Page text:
Getting Remarried? Revise Your Estate Plan

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Getting Remarried? Revise Your Estate Plan


[Editor’s Note: Today’s guest post is from Mike Johnson, a legal writer working for Drizin Law, a Las Vegas company specializing in estate planning, probate, trusts, etc. It discusses some important information you need to know if you are divorced and considering remarrying. You probably should read it even if you aren’t considering remarrying. Or even if you are just considering divorce. Bottom line: Keep your estate plan up to date lest your ex gets everything! We have no financial relationship.]

Estate planning may not be the first thing on your mind if you are intending to remarry. However, making changes to your estate plan is more important than you may think, so you should not put it off.

Why Is an Up-to-Date Estate Plan So Important?

Making sure that you have an up-to-date estate plan in place is one of the most important things you can do in life. The plan covers important considerations that ensure your wishes are carried out upon your death. The future is never certain.

Remarrying brings big changes to your life that may necessitate making big changes to the estate plan you have in place. For instance, your beneficiaries may change or you may want to update your financial arrangements. You and your future spouse may already have wills and a prenuptial agreement in place, but prenuptial agreements can have clauses written into them that dictate that their agreement takes precedence over any elective share of property left in a will. In this case, a prenuptial agreement can “trump” any other legal documents. Things can get even more complex if you have significant assets and/or children from a previous marriage. An estate planning attorney can help you with the necessary changes and answer relevant queries. However, as a starting point, let’s examine some of the main factors you need to consider before remarriage.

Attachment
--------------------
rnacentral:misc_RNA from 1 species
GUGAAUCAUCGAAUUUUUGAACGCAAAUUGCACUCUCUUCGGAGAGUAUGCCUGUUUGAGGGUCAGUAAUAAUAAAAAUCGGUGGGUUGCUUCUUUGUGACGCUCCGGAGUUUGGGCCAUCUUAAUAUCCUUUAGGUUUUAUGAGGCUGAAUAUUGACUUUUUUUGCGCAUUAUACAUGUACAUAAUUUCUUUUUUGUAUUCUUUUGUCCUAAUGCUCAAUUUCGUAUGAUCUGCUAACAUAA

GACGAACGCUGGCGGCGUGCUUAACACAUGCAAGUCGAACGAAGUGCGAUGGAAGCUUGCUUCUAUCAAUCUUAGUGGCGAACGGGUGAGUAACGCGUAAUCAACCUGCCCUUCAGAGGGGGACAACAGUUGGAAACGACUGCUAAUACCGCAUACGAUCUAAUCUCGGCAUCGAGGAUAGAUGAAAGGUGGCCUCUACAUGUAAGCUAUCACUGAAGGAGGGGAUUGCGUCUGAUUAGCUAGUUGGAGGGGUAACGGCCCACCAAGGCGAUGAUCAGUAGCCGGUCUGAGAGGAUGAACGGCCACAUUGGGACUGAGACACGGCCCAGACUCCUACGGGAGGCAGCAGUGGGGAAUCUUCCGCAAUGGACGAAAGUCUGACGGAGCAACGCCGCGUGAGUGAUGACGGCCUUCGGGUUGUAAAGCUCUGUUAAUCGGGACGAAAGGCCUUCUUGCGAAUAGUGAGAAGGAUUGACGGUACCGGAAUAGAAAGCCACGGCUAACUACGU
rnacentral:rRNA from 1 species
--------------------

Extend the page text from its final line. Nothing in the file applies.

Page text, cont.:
#1 Updating Your Will

If you have a will, you need to make sure that it reflects your current situation. When you change a will, make sure that you are thorough in including all of your wishes. This should cover everything from who gets any assets you own to who should look after your dog. Take time to ensure that your will clearly states your wishes for assigning ownership of these belongings/assets. Are their children involved in the remarriage? Do you wish your children from a previous marriage to receive more of an inheritance than your new spouse’s children? Do you want the inheritance split equally between all children? How do you want to pass down personal possessions, even those that have little monetary value? Will you make use of accounts such as IRAs for investments due to the tax benefits when they are passed down to your beneficiaries?

Again, take the time to ask the hard questions. A well-designed will and estate plan can ensure your assets pass to your desired beneficiary and legally help your family keep more of what you have earned in life.

#2 Consider a Trust to Protect Assets for Minor Children

The most common reason people set up a trust is to minimize future attorney fees and court costs by avoiding probate. For a divorced parent, another reason is to protect assets that you intend to leave to your children from an ex-spouse after your death. If you simply leave these assets to your children in the form of a will, and they are minors when you die, your ex-spouse will take control of the assets. If you do not want this to happen, setting up a trust is a good idea. You get to decide who controls the trust and who manages the assets on behalf of your children until they reach adulthood.

There are a lot of different tax rules for beneficiaries of income from trusts. With the help of your estate planning lawyer, it is possible to set up a trust that is free from double taxation allowing your children to keep more of their inheritance.

#3 Updating Your Beneficiaries